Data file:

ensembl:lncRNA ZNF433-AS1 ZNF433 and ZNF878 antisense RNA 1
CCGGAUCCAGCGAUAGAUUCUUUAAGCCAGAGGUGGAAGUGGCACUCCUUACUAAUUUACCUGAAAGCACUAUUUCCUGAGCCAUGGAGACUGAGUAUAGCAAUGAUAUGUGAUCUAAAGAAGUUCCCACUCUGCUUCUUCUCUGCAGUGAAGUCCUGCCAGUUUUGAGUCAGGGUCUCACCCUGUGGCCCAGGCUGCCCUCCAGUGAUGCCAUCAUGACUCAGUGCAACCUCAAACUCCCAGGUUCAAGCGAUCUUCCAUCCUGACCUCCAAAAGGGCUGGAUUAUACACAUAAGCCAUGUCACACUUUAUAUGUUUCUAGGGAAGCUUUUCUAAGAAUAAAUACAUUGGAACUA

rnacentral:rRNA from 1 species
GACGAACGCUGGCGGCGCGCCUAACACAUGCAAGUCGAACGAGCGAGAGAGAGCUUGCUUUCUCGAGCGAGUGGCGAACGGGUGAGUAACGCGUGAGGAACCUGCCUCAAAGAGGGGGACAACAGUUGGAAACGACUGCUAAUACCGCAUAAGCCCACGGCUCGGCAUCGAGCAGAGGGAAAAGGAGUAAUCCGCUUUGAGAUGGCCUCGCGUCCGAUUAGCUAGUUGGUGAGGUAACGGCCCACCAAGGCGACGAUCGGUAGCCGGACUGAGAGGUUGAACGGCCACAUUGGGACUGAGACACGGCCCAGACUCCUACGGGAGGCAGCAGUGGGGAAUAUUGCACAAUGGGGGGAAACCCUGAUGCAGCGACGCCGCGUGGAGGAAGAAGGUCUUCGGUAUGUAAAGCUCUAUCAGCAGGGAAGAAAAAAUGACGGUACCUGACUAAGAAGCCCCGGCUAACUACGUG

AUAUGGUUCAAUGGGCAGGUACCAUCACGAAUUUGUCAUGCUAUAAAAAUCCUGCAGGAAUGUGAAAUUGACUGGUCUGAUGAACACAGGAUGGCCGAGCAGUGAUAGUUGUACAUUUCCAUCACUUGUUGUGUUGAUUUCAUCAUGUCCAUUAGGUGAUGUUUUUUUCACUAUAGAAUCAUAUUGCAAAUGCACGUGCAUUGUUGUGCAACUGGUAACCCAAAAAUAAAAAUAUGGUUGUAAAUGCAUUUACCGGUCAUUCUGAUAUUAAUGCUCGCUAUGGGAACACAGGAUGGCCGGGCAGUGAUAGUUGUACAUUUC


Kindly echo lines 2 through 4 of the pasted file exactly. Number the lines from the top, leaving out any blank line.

CCGGAUCCAGCGAUAGAUUCUUUAAGCCAGAGGUGGAAGUGGCACUCCUUACUAAUUUACCUGAAAGCACUAUUUCCUGAGCCAUGGAGACUGAGUAUAGCAAUGAUAUGUGAUCUAAAGAAGUUCCCACUCUGCUUCUUCUCUGCAGUGAAGUCCUGCCAGUUUUGAGUCAGGGUCUCACCCUGUGGCCCAGGCUGCCCUCCAGUGAUGCCAUCAUGACUCAGUGCAACCUCAAACUCCCAGGUUCAAGCGAUCUUCCAUCCUGACCUCCAAAAGGGCUGGAUUAUACACAUAAGCCAUGUCACACUUUAUAUGUUUCUAGGGAAGCUUUUCUAAGAAUAAAUACAUUGGAACUA

rnacentral:rRNA from 1 species
GACGAACGCUGGCGGCGCGCCUAACACAUGCAAGUCGAACGAGCGAGAGAGAGCUUGCUUUCUCGAGCGAGUGGCGAACGGGUGAGUAACGCGUGAGGAACCUGCCUCAAAGAGGGGGACAACAGUUGGAAACGACUGCUAAUACCGCAUAAGCCCACGGCUCGGCAUCGAGCAGAGGGAAAAGGAGUAAUCCGCUUUGAGAUGGCCUCGCGUCCGAUUAGCUAGUUGGUGAGGUAACGGCCCACCAAGGCGACGAUCGGUAGCCGGACUGAGAGGUUGAACGGCCACAUUGGGACUGAGACACGGCCCAGACUCCUACGGGAGGCAGCAGUGGGGAAUAUUGCACAAUGGGGGGAAACCCUGAUGCAGCGACGCCGCGUGGAGGAAGAAGGUCUUCGGUAUGUAAAGCUCUAUCAGCAGGGAAGAAAAAAUGACGGUACCUGACUAAGAAGCCCCGGCUAACUACGUG